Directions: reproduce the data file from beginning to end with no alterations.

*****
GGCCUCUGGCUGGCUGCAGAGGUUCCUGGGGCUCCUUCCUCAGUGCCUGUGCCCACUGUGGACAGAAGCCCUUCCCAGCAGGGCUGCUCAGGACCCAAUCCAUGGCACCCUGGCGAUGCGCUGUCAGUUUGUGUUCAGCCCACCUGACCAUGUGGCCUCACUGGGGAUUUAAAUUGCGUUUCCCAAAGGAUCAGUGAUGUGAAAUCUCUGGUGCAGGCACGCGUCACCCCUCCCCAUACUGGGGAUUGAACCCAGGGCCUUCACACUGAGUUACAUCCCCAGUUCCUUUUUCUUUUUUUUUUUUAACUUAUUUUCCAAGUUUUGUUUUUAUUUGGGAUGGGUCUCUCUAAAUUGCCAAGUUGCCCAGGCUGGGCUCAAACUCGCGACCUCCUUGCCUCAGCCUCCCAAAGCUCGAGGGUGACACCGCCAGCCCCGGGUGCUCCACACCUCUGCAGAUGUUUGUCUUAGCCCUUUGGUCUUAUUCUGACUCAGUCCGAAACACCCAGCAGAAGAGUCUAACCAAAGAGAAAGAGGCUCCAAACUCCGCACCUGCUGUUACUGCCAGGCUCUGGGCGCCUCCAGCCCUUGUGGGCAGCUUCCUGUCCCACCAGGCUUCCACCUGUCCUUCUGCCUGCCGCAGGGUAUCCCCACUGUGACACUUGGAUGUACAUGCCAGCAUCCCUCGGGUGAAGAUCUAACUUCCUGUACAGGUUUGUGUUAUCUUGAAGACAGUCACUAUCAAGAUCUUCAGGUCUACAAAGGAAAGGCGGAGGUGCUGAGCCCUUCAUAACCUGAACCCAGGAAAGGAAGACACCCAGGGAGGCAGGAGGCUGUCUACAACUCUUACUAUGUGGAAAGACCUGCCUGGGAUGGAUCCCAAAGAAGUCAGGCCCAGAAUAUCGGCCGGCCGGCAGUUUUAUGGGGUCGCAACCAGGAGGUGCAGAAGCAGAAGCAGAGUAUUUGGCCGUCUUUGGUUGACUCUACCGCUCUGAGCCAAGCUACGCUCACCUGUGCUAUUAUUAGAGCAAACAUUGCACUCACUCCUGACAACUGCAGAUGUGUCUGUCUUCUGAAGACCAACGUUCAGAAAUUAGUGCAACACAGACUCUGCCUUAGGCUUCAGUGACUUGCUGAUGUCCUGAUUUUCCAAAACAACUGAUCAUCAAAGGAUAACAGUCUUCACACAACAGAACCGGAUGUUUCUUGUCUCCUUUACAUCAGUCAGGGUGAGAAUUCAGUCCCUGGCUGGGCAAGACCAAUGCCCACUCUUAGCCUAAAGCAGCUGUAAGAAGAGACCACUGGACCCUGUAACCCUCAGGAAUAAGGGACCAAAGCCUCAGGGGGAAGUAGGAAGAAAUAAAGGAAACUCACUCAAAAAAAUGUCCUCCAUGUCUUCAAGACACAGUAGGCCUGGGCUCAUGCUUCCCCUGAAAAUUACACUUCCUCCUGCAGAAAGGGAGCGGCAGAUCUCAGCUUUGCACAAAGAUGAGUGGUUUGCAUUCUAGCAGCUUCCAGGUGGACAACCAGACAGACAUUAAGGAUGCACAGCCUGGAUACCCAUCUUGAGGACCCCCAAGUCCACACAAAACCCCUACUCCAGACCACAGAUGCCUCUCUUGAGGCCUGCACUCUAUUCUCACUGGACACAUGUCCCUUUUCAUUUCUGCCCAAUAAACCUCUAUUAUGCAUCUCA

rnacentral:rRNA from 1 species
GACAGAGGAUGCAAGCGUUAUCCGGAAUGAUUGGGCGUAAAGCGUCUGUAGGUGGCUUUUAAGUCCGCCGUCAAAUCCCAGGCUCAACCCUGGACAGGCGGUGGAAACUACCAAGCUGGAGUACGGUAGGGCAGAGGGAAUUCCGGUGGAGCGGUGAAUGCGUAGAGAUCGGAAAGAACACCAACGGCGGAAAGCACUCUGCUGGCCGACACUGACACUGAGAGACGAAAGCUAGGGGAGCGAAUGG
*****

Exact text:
GGCCUCUGGCUGGCUGCAGAGGUUCCUGGGGCUCCUUCCUCAGUGCCUGUGCCCACUGUGGACAGAAGCCCUUCCCAGCAGGGCUGCUCAGGACCCAAUCCAUGGCACCCUGGCGAUGCGCUGUCAGUUUGUGUUCAGCCCACCUGACCAUGUGGCCUCACUGGGGAUUUAAAUUGCGUUUCCCAAAGGAUCAGUGAUGUGAAAUCUCUGGUGCAGGCACGCGUCACCCCUCCCCAUACUGGGGAUUGAACCCAGGGCCUUCACACUGAGUUACAUCCCCAGUUCCUUUUUCUUUUUUUUUUUUAACUUAUUUUCCAAGUUUUGUUUUUAUUUGGGAUGGGUCUCUCUAAAUUGCCAAGUUGCCCAGGCUGGGCUCAAACUCGCGACCUCCUUGCCUCAGCCUCCCAAAGCUCGAGGGUGACACCGCCAGCCCCGGGUGCUCCACACCUCUGCAGAUGUUUGUCUUAGCCCUUUGGUCUUAUUCUGACUCAGUCCGAAACACCCAGCAGAAGAGUCUAACCAAAGAGAAAGAGGCUCCAAACUCCGCACCUGCUGUUACUGCCAGGCUCUGGGCGCCUCCAGCCCUUGUGGGCAGCUUCCUGUCCCACCAGGCUUCCACCUGUCCUUCUGCCUGCCGCAGGGUAUCCCCACUGUGACACUUGGAUGUACAUGCCAGCAUCCCUCGGGUGAAGAUCUAACUUCCUGUACAGGUUUGUGUUAUCUUGAAGACAGUCACUAUCAAGAUCUUCAGGUCUACAAAGGAAAGGCGGAGGUGCUGAGCCCUUCAUAACCUGAACCCAGGAAAGGAAGACACCCAGGGAGGCAGGAGGCUGUCUACAACUCUUACUAUGUGGAAAGACCUGCCUGGGAUGGAUCCCAAAGAAGUCAGGCCCAGAAUAUCGGCCGGCCGGCAGUUUUAUGGGGUCGCAACCAGGAGGUGCAGAAGCAGAAGCAGAGUAUUUGGCCGUCUUUGGUUGACUCUACCGCUCUGAGCCAAGCUACGCUCACCUGUGCUAUUAUUAGAGCAAACAUUGCACUCACUCCUGACAACUGCAGAUGUGUCUGUCUUCUGAAGACCAACGUUCAGAAAUUAGUGCAACACAGACUCUGCCUUAGGCUUCAGUGACUUGCUGAUGUCCUGAUUUUCCAAAACAACUGAUCAUCAAAGGAUAACAGUCUUCACACAACAGAACCGGAUGUUUCUUGUCUCCUUUACAUCAGUCAGGGUGAGAAUUCAGUCCCUGGCUGGGCAAGACCAAUGCCCACUCUUAGCCUAAAGCAGCUGUAAGAAGAGACCACUGGACCCUGUAACCCUCAGGAAUAAGGGACCAAAGCCUCAGGGGGAAGUAGGAAGAAAUAAAGGAAACUCACUCAAAAAAAUGUCCUCCAUGUCUUCAAGACACAGUAGGCCUGGGCUCAUGCUUCCCCUGAAAAUUACACUUCCUCCUGCAGAAAGGGAGCGGCAGAUCUCAGCUUUGCACAAAGAUGAGUGGUUUGCAUUCUAGCAGCUUCCAGGUGGACAACCAGACAGACAUUAAGGAUGCACAGCCUGGAUACCCAUCUUGAGGACCCCCAAGUCCACACAAAACCCCUACUCCAGACCACAGAUGCCUCUCUUGAGGCCUGCACUCUAUUCUCACUGGACACAUGUCCCUUUUCAUUUCUGCCCAAUAAACCUCUAUUAUGCAUCUCA

rnacentral:rRNA from 1 species
GACAGAGGAUGCAAGCGUUAUCCGGAAUGAUUGGGCGUAAAGCGUCUGUAGGUGGCUUUUAAGUCCGCCGUCAAAUCCCAGGCUCAACCCUGGACAGGCGGUGGAAACUACCAAGCUGGAGUACGGUAGGGCAGAGGGAAUUCCGGUGGAGCGGUGAAUGCGUAGAGAUCGGAAAGAACACCAACGGCGGAAAGCACUCUGCUGGCCGACACUGACACUGAGAGACGAAAGCUAGGGGAGCGAAUGG